Forcus

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Re: Tips wanted on used car buying when paying in cash
« Reply #10 on: July 23, 2014, 10:33:39 AM »
Only thing to add is I still haven't figured out what motivates dealerships, cash, credit cards, or financing. My gut feel is that the medium to larger ones prefer financing, they know they can get the average customer to pay a fairly high interest rate and get a kick back from the bank for it. I saw one of the sheets once and the kick backs were $1500 or more depending on rate and term. Smaller places may not have these sheets and so it's just an added step for them to finance. I've seen some of these smaller places advertise a cash price that is cheaper. I don't think ANY of them prefer CC's, as they get charged up to 3% or so. The last car I bought, they limited CC's to something like $3500 each.

I don't know if it's the best approach but I've always been noncommital when talking cash or financing and just worked the price down to what I want and then talk about it. For a medium to larger dealership it might be better to talk as if it will be financed. Heck it might even be worth financing. If it could knock $500 or more off because they will get a $1500 kickback, and there are no financing fees or early payment penalties, the only loser is the bank.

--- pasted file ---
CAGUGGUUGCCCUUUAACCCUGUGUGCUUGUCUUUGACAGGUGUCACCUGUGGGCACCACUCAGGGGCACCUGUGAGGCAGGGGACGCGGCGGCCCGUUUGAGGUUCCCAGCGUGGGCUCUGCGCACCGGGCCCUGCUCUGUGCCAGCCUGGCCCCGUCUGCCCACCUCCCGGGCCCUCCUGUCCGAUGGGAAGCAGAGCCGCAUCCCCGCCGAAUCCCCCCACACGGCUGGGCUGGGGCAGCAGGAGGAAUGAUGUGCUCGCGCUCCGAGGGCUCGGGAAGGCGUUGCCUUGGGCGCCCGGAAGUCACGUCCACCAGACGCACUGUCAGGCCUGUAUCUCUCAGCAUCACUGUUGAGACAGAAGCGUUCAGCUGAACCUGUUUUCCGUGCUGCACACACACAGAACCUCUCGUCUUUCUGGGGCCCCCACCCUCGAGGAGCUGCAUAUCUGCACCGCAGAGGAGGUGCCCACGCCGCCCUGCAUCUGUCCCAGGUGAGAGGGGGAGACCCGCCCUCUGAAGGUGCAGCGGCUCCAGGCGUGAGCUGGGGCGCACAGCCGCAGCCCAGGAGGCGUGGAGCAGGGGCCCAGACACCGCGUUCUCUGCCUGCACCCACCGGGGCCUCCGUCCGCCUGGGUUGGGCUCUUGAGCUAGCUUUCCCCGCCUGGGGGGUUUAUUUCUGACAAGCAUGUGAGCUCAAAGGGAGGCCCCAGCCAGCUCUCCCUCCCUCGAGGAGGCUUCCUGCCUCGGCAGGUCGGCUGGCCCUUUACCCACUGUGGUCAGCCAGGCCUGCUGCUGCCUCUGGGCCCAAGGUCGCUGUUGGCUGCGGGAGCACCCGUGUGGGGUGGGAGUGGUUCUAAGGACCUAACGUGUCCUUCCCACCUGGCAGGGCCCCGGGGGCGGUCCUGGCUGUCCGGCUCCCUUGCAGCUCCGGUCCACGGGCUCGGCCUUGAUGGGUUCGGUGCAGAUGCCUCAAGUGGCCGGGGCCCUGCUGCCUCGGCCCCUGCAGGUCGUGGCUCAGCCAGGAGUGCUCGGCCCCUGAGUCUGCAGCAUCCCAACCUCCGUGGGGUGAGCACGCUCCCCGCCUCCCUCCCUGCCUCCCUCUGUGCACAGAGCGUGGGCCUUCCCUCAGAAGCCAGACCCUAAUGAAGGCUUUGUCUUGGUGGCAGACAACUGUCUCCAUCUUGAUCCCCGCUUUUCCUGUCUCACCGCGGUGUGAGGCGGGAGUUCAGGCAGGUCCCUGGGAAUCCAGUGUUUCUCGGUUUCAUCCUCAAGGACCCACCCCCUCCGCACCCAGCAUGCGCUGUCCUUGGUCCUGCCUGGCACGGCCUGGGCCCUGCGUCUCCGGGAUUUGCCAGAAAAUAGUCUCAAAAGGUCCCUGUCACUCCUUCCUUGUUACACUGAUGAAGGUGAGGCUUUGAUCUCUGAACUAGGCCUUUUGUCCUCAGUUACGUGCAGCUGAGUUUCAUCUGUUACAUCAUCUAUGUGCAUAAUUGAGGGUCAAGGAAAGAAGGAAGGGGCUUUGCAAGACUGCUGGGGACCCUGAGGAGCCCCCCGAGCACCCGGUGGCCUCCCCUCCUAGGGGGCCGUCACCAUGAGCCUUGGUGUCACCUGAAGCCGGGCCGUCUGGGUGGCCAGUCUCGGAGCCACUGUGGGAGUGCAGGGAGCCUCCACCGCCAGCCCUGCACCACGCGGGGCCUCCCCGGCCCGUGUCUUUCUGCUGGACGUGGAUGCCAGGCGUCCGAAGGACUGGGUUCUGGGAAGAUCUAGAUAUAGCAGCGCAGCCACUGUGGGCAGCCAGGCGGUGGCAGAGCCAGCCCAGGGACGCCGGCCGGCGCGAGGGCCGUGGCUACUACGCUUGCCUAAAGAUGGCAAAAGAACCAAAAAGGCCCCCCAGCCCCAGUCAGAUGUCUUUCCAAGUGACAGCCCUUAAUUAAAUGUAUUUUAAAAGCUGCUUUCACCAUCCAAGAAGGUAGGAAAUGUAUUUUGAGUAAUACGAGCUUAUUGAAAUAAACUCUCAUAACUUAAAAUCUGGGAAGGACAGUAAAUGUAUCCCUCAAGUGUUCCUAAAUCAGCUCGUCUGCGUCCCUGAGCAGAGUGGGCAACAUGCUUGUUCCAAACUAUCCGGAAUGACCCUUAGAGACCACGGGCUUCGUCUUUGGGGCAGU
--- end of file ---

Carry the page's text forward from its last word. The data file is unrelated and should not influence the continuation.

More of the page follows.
Just my $.02.

SpicyMcHaggus

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Re: Tips wanted on used car buying when paying in cash
« Reply #11 on: July 23, 2014, 12:00:05 PM »
We have cash to buy a used car and have seen a few promising leads.  If we are shopping at a dealer should we hide the fact that we will be buying in cash?  Is it possible to put this purchase on a credit card to earn rewards? Since dealerships make money on financing has anyone bargained the price down by agreeing to finance, but then just paid the loan off the next day?

The other two times the hubs and I have set foot in a car dealership we've bought a car that day.  We're not neccessarily suckas...but I want to be better prepared this time round.

In regard to your specific questions:
1) yes, it is possible